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Discussion Starter #1 (Edited)
I am transformer based everything. Being in FEC country, I picked up a 6-8064 and 6-8065 GP-9 pair to which I'd like to add a horn. The B unit has plain trucks but the A unit looks to have room on the chassis.

If I'm reading the related threads on this issue, there are now electronic horns that eliminate the battery. Is that true for this 1978 era loco?

I see this part on ebay but not sure it's right:
https://www.ebay.com/c/1004065764

Here is the service document for the A unit:
https://www.lionelsupport.com/media/servicedocuments/18064Complete.pdf

I'm not adverse to electrifying the B-unit. Are there electrified trucks available? This is the B unit service document:
https://www.lionelsupport.com/media/servicedocuments/18356Complete.pdf

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You could drop in a horn/bell board and dispense with the battery.

The horn you linked is only half the solution, for that one you need the battery and the horn relay!

The question is, how willing to do a little wiring are you? I have a bunch of assorted conventional sound boards. How about this one, it has horn, bell, and prime mover sounds. Connection is just add power from the rails and find a place for the board.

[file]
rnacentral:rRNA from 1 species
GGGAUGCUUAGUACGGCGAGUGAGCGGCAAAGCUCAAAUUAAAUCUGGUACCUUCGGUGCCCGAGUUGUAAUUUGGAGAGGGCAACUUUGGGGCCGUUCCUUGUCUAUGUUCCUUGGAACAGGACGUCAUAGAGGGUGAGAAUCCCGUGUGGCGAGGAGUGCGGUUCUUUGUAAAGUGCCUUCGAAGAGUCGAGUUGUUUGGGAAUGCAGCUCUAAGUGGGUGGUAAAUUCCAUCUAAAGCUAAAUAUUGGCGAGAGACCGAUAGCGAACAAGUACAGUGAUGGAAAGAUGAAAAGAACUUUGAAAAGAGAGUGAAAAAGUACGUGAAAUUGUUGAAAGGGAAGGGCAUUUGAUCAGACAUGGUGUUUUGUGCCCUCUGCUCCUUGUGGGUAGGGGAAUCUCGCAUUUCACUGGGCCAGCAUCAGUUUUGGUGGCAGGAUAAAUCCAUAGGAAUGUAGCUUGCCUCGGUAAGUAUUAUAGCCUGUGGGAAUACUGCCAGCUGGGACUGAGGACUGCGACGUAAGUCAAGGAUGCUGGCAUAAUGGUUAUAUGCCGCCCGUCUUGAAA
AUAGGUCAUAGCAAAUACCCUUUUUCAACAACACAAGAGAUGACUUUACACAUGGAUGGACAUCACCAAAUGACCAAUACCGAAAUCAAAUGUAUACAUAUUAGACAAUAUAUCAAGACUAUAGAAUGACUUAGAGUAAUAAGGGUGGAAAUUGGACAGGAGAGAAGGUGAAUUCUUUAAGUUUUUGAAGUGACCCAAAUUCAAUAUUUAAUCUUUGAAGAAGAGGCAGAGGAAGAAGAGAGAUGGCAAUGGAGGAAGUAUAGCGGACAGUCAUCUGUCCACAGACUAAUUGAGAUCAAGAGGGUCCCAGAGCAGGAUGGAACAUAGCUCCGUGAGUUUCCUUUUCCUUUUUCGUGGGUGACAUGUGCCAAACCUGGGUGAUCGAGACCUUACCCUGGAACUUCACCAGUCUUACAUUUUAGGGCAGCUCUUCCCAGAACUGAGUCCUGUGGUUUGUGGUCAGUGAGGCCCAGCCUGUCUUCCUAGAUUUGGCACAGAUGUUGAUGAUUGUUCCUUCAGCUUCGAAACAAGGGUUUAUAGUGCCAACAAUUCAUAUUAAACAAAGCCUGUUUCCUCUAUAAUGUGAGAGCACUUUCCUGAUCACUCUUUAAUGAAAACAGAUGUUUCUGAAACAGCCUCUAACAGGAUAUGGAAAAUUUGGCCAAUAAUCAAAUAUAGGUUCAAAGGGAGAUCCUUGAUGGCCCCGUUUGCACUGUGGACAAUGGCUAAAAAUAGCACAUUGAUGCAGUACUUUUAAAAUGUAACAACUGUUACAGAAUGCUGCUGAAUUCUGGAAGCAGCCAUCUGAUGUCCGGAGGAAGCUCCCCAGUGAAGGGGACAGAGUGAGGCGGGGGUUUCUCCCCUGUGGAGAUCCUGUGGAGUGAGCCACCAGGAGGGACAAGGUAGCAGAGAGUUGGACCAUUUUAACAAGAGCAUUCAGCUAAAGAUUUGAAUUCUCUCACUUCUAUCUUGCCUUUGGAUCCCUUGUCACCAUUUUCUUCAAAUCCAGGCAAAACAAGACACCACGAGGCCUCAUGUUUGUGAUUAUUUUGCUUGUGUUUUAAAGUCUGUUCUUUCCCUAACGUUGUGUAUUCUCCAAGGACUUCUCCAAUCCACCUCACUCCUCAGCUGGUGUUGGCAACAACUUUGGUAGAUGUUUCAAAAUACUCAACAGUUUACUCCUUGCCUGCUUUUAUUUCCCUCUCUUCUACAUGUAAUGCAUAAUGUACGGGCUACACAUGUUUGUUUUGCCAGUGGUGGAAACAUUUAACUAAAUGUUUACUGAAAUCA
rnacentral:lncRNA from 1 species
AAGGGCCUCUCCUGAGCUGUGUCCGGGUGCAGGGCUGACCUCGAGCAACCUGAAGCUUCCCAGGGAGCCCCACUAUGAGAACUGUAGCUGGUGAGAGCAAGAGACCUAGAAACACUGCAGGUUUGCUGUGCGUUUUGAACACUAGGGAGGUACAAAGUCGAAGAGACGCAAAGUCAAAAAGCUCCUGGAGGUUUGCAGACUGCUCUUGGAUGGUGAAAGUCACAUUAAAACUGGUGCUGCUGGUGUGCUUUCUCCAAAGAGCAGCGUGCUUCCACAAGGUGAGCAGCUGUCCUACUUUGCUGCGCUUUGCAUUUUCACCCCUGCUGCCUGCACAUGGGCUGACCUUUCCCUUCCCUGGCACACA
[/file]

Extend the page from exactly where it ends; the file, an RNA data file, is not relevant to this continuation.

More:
The board stands vertically, there's a bracket connected to the regulator chip that screws to the chassis. The speaker can be used, or any 8 ohm speaker if that one is too large.

This is a complete sound solution that doesn't require any more parts for the price of the old post-war horn.

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Discussion Starter #4 (Edited)
THIS WOULD BE A GREAT GIFT FOR YOUR FAVORITE TRANSFORMER BASED MODEL RAILROADER.

Using the speaker/circuit board from Gunrunnerjohn, I was able to mount them inside the Lionel GP7. Running on just a ZW and O-27 track, the diesel sounds mix in with the track noise and buzz from the E-unit but are plenty loud enough with the speaker at full volume.

Wiring is simple. It comes with a female connector for a two pin terminal or male plug. I didn't have one so I snipped it off and soldered it onto the same posts on the motor and E-unit that the lamp was soldered to. The polarity of this connection determines if the ZW whistle actuator is a horn or if it toggles the Bell On/Off. The sounds are realistic and rich. Nothing tinny or post war-ish sounding.